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CHAPTER XXXII.

THE ARU ISLANDS-SECOND RESIDENCE AT DOBBO.

MAY AND JUNE, 1857.

DOBBO was full to overflowing, and I was obliged to occupy the court-house where the Commissioners hold their sittings. They had now left the island, and I found the situation agreeable, as it was at the end of the village, with a view down the principal street. It was a mere shed, but half of it had a roughly-boarded floor, and by putting up a partition and opening a window I made it a very pleasant abode. In one of the boxes I had left in charge of Herr Warzbergen, a colony of small ants had settled and deposited millions of eggs. It was luckily a fine hot day, and by carrying the box some distance from the house, and placing every article in the sunshine for an hour or two, I got rid of them without damage, as they were fortunately a harmless species.

Dobbo now presented an animated appearance. Five or six new houses had been added to the street; the praus were all brought round to the western side of the point, where they were hauled up on the beach, and were being calked and covered with a thick white lime-plaster for the homeward voyage, making them the brightest and cleanest looking things in the place. Most of the small boats had returned from the "blakang-tana" (back country), as the side of the islands toward New Guinea is called. Piles of firewood were being heaped up behind the houses; sail-makers and carpenters were busy at work; mother-of-pearl shell was being tied up in bundles, and the black and ugly smoked tripang was having a last exposure to the sun before loading. The spare portion of the crews were employed cutting and squaring timber, and boats from Ceram and Goram were constantly unloading their cargoes of sago-cake for the traders' homeward voyage. The fowls, ducks, and goats all looked. fat and thriving on the refuse food of a dense population, and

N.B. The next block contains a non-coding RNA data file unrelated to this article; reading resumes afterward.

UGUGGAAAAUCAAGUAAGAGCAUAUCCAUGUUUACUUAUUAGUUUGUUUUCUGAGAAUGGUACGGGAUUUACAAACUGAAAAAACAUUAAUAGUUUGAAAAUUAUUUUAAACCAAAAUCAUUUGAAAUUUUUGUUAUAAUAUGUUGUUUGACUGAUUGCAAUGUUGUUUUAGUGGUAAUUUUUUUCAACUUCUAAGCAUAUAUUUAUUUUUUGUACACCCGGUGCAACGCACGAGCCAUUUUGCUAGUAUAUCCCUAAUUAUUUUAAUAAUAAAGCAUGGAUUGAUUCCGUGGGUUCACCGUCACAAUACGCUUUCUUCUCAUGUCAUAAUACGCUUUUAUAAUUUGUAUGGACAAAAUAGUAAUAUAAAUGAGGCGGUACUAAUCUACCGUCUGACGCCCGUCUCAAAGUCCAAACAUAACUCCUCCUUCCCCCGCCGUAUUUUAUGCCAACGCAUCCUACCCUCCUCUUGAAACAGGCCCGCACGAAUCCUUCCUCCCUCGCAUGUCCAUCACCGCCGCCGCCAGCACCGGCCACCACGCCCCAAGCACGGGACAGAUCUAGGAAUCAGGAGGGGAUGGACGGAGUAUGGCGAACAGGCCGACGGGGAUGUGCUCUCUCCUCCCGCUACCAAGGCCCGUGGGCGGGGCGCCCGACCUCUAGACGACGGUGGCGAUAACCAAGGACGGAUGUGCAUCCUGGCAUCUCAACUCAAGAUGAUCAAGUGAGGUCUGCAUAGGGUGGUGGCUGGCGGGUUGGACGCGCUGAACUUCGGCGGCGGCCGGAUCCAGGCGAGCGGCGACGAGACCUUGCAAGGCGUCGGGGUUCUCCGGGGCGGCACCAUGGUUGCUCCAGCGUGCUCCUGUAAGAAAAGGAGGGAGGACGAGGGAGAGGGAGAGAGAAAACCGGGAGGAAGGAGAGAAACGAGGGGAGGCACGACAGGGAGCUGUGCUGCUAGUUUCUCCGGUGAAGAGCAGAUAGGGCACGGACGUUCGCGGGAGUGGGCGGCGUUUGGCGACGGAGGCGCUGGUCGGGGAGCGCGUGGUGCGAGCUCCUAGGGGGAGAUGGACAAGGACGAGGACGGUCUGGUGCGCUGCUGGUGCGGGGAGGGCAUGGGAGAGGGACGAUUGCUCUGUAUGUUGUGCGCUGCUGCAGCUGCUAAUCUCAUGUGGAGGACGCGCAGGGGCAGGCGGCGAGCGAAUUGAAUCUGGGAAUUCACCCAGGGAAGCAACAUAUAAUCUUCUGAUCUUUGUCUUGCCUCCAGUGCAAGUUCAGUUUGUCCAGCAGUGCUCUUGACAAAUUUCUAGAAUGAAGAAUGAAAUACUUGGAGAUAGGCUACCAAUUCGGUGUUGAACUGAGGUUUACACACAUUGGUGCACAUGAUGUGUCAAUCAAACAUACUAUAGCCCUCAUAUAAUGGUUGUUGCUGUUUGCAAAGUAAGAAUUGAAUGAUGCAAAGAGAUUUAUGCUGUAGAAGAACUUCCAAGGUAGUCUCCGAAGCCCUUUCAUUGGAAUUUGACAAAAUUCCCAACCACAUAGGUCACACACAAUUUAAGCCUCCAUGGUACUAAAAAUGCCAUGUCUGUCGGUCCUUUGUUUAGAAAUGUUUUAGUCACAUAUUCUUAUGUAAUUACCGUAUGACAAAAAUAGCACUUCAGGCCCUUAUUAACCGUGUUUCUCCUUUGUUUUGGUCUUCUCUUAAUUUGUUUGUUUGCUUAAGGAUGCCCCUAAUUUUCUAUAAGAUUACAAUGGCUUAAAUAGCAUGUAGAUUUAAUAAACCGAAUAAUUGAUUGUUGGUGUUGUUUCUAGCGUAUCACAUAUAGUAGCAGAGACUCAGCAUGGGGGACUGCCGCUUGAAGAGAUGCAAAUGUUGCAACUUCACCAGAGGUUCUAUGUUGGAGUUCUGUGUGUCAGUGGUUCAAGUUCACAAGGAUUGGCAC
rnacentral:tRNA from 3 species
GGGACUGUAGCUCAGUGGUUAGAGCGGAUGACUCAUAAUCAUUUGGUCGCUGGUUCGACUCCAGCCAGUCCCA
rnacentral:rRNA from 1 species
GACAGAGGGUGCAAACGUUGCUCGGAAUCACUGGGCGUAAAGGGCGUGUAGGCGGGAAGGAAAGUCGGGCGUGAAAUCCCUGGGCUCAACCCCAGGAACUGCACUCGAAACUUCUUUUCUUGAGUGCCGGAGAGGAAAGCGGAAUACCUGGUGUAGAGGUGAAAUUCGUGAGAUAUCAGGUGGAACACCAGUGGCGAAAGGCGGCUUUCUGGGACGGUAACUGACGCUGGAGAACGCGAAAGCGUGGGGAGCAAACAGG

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SECOND RESIDENCE AT DOBBO.

the Chinamen's pigs were in a state of obesity that foreboded early death. Parrots and lories and cockatoos, of a dozen different kinds, were suspended on bamboo perches at the doors of the houses, with metallic green or white fruit-pigeons which cooed musically at noon and eventide. Young cassowaries, strangly striped with black and brown, wandered about the houses or gambolled with the playfulness of kittens in the hot sunshine, with sometimes a pretty little kangaroo, caught in the Aru forests, but already tame and graceful as a petted fawn.

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Of an evening, there were more signs of life than at the time of my former residence. Tom-toms, jews'-harps, and even fiddles were to be heard, and the melancholy Malay songs sounded not unpleasantly far into the night. Almost every day there was a cock-fight in the street. The spectators make a ring, and after the long steels spurs are tied and the poor animals are set down to gash and kill each other, the excitement is immense. Those who have made bets scream and yell and jump frantically, if they think they are going to win or lose, but in a very few minutes it is all over; there is a hurrah from the winners, the owners seize their cocks, the winning bird is caressed and admired, the loser is generally dead or very badly wounded, and his master may often be seen plucking out his feathers as he walks away, preparing him for the cooking pot while the poor bird is still alive.